Trip to Ireland
September – October 2006
Thursday 5 October
10:45 Waterford to
Gresham Hotel, O Connell Street, Dublin
The Gresham Hotel is
easily one of Ireland's
most famous hotels. Visitors from home and abroad have been enjoying
atmosphere since as far back as 1817. The famous afternoon tea, a
meal in the restaurant or a stay at one of the luxurious Gresham
bedrooms, these have all been
hallmarks of a legendary Irish institution.
While it is Ireland's
oldest hotel - with a
world charm – the Gresham
provides all the modern luxuries and facilities that today's hotel
expect. The hotel features 289 superbly furnished guest bedrooms
electronic safety locks, direct dial telephones, garment press,
and 24 hour room service.
is a visually striking hotel and can be seen in all its glory in a
location on O Connell
widest, and probably most famous thoroughfare. All of Dublin's
main tourist and commercial sites such as Trinity College,
Guinness Brewery, Temple Bar and the impressive financial district are
short walk away from the hotel's front door.
The Gresham Hotel is a
traditional hotel in the finest sense of the word, with an unrivalled
to an efficient, friendly service and one of the most luxurious
you are ever likely to enjoy. It is the perfect base, for business or
guests, to explore Ireland's
vibrant and historical capital city.
has turned its back on its waterside location.
There is a big wide stretch along the river which is completely
over by car parking. It is
disgusting. There could be riverside
walks, gardens, cafes etc. Cork and Dublin
have the same problem.
The station is on the other side of the water from
so that the railway is even more cut off from the town than at Cork.
Walking there is not pedestrian friendly and there is always the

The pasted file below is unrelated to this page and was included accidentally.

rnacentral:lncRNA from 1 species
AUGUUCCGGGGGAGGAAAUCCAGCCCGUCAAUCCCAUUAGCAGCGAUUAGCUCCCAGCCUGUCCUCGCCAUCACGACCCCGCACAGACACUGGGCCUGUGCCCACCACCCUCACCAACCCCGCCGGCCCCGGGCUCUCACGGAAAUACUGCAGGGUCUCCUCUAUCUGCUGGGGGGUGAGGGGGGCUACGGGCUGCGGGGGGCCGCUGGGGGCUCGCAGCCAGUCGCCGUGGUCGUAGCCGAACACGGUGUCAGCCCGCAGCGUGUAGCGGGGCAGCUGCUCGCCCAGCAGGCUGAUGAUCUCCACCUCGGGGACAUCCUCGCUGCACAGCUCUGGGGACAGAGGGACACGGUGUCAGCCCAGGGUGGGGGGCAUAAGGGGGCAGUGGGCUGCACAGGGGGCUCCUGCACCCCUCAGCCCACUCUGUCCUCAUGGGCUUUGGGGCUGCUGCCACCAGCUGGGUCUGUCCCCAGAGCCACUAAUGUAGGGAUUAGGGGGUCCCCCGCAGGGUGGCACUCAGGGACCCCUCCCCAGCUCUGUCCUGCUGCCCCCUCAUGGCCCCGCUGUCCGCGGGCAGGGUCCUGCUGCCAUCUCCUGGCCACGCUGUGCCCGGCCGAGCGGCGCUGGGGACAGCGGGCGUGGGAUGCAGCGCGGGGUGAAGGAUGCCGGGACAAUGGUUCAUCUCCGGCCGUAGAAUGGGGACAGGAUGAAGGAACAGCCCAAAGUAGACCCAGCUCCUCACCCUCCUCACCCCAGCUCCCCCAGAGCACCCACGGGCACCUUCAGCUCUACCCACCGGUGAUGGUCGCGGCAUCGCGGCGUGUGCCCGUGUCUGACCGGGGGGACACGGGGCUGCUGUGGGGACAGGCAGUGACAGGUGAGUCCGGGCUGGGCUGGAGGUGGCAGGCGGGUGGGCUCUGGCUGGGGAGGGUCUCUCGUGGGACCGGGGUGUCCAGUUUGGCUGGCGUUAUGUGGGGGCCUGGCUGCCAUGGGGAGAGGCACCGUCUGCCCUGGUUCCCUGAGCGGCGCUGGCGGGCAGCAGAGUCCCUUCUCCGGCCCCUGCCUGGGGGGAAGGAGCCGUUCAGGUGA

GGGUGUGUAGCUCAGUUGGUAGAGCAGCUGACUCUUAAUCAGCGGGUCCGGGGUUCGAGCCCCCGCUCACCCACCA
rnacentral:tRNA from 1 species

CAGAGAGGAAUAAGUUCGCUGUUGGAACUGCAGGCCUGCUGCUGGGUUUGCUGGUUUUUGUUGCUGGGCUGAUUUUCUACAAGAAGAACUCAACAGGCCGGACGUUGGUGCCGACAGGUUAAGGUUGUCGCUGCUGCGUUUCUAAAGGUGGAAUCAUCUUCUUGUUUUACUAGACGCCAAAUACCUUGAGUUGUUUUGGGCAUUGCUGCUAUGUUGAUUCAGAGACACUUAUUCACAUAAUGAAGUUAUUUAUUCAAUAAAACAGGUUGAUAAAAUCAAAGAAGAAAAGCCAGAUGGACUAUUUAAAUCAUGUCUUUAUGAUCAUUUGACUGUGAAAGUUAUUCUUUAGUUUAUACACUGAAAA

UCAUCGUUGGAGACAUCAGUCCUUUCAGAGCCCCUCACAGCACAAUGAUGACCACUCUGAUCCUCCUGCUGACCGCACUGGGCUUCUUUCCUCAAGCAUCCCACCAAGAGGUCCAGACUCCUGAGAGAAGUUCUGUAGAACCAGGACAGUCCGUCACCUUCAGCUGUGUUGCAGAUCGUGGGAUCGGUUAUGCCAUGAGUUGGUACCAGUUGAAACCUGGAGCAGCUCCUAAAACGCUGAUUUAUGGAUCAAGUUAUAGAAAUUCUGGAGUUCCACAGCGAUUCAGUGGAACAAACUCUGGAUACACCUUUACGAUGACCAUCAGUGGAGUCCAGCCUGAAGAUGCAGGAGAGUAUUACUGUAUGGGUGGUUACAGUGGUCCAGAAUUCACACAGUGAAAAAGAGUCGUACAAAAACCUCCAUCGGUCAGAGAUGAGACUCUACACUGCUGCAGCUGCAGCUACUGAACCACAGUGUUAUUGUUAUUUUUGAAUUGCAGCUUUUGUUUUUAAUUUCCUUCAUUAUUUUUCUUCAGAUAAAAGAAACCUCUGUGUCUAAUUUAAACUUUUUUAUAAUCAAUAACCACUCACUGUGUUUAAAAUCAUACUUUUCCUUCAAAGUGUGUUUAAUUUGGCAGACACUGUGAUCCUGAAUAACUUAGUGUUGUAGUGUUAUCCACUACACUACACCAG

possibility of delay because the lift bridge may be raised to allow a
There is a small but interesting railway museum in
The train was push-pull with
the Canadianbuilt locomotive leading as far as Kilkennie.
We boarded the train with plenty of time to find a
do an inspection. It gradually filled up
along the route
and was eventually very full. The seats
are coordinated with the windows. These
are the older type which were built in Britain in the 1960s. They have air brakes and have been modified
with air operated doors. There is no air
conditioning although the cars may be pressurized.
The trains run push pull. The
locomotive was leading from Waterford
but there was a change of direction at Kilkenny
where we passed the train from Dublin. There is a full triangle connection here with
the main line and our train left Kilkenny shortly after the train to Waterford for
along the single track to the junction.
It is single track with passing loops as far as Kildare where
the junction with the double track line for Cork,
Tralee and Galway.
We took Luas, crowded as usual, to Abbey and
walked along O'Connell
the hotel, by far the best we have stayed at in Ireland. The Gresham
has a card key system whereby the card has to be left in a slot to turn
on the lights and to keep them on. This has caused problems with
some guests who have
kept on reinserting the key instead of leaving it in.